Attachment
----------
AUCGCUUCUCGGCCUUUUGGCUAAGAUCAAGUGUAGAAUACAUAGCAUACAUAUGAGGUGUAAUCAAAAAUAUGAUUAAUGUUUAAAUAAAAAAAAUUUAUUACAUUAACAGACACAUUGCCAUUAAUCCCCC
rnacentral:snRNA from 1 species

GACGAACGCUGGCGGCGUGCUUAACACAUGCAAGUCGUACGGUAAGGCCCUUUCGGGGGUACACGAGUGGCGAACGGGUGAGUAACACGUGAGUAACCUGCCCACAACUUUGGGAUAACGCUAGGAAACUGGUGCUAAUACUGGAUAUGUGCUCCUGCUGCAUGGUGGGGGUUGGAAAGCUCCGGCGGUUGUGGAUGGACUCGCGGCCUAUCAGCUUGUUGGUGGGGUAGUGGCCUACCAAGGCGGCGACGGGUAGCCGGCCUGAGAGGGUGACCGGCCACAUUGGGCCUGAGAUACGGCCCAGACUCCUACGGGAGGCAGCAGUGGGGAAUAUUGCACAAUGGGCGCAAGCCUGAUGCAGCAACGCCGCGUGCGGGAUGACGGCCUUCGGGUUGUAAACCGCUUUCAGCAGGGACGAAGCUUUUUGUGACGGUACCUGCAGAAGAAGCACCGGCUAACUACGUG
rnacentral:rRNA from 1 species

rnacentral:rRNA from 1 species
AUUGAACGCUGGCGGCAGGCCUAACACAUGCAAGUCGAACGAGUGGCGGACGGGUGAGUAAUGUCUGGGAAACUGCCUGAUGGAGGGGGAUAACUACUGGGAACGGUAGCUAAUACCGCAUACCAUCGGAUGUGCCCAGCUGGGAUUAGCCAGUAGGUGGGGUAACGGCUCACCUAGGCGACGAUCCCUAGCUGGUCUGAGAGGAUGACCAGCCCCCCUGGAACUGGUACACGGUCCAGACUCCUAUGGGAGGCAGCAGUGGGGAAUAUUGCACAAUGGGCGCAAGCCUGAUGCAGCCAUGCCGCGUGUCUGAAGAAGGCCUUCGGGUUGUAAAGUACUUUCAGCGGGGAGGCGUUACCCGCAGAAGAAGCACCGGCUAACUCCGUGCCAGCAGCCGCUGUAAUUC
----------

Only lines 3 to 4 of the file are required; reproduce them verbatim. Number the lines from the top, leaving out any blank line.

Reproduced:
GACGAACGCUGGCGGCGUGCUUAACACAUGCAAGUCGUACGGUAAGGCCCUUUCGGGGGUACACGAGUGGCGAACGGGUGAGUAACACGUGAGUAACCUGCCCACAACUUUGGGAUAACGCUAGGAAACUGGUGCUAAUACUGGAUAUGUGCUCCUGCUGCAUGGUGGGGGUUGGAAAGCUCCGGCGGUUGUGGAUGGACUCGCGGCCUAUCAGCUUGUUGGUGGGGUAGUGGCCUACCAAGGCGGCGACGGGUAGCCGGCCUGAGAGGGUGACCGGCCACAUUGGGCCUGAGAUACGGCCCAGACUCCUACGGGAGGCAGCAGUGGGGAAUAUUGCACAAUGGGCGCAAGCCUGAUGCAGCAACGCCGCGUGCGGGAUGACGGCCUUCGGGUUGUAAACCGCUUUCAGCAGGGACGAAGCUUUUUGUGACGGUACCUGCAGAAGAAGCACCGGCUAACUACGUG
rnacentral:rRNA from 1 species